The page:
Film/Movies Critic’s (Part 2):

Film/Movies Critic’s (Part 2)

                                       Film/Movies Critic’s (Part 2)

You get to watch movies and it's great. However the hardest part about it is expressing your feelings about something and figuring out who you are as a person through public speaking or through writing. Because in all honesty filming a video is public speaking ,you have to be able to stand up in front of people and talk to them in a way that you think they might want to hear you now. Gene Siskel said one time and once again I'm quoating about this about finding your own voice is that, “there is a myth in the film critic land that you are not allowed to express your feelings in a review”. You're not allowed to say things like, I felt or this film affected me this way. You're just supposed to be like this aloof presence that didn't actually have an experience with the audience and is just sort of reporting your thoughts and Gene Siskel spoke about that very negatively.

 I have received advice before in the past to not say I or this is how I felt, when doing a written review. However, doing a video you have to because a video is sometimes very ad-libbed and yes some videos are scripted and that's fine to a viewer or reader who comes across. Your review needs to feel some kind of connection, because I've read reviews before and I've watched videos before where it just appears. As if the person who is reviewing the film that they just saw is like a newscaster. This bland emotionless person who talks like this as if he is a news reporter and this is what he does for a living and there is no emotion just this robotic expression of speaking, who really wants to sit there and watch that nobody wants to watch. That no one wants to listen to that because there's no connection. One of the most important things in my opinion that a film critic can do is have a connection with his or her audience.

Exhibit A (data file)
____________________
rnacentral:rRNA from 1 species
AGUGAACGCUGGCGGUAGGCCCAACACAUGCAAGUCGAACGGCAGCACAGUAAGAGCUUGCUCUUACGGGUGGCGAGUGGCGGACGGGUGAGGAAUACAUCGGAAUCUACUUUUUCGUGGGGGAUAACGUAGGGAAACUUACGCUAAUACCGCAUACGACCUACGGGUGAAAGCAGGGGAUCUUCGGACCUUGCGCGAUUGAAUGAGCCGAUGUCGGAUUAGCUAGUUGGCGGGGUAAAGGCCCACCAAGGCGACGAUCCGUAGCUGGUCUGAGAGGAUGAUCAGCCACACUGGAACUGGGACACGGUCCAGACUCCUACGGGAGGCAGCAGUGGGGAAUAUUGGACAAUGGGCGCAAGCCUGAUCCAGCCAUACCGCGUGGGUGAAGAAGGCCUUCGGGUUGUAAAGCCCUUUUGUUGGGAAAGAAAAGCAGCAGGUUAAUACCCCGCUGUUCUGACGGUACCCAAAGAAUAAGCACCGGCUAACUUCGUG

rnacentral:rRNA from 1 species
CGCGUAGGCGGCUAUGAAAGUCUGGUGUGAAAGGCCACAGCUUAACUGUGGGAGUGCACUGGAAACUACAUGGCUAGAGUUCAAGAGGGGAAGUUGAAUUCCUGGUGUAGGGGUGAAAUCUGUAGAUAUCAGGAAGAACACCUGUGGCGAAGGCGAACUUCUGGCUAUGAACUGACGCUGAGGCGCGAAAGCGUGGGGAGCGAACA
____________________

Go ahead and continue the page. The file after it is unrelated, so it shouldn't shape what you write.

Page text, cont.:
See when I come home for a film I'm itching to talk about it . I do not feel right within my skin until I talk about the film and review and share it with you guys. My opinion is important to me and I want to share it with you guys and hopefully find people that have the same opinion or even better. Yet someone who has a different opinion who can have a healthy debate because that is the rarest of rarities being able to have an actual intellectual discussion with differing opinions on a movie. Now I want to talk a little bit about things that I feel are the biggest mistakes that film critics make nowadays.

One of the largest ones that I've ever witnessed that is literally running rampant throughout film criticism is, people who are writing a review or filming one and they are allowing current news or media or pop culture trends around a star or a director. To be infused and infected with in their review a current thing that surrounds a person who worked on a movie should have no bearing on your review. None it's extremely important for us as a film critic to review the movie not the people, who are involved with it. For instance x-men days of future past bryan singer right now is in the middle of this court thing. But i didn't mention it in my review because it has nothing to do with the movie. It's not a pertinent subject to discuss in a review of a film. This is a film made by thousands of people actors, producers, lighting technicians, editors, music. All this stuff that has nothing to do with this scandal, that's going on in the background. I really think that current film critics need to take that into account when they review a movie.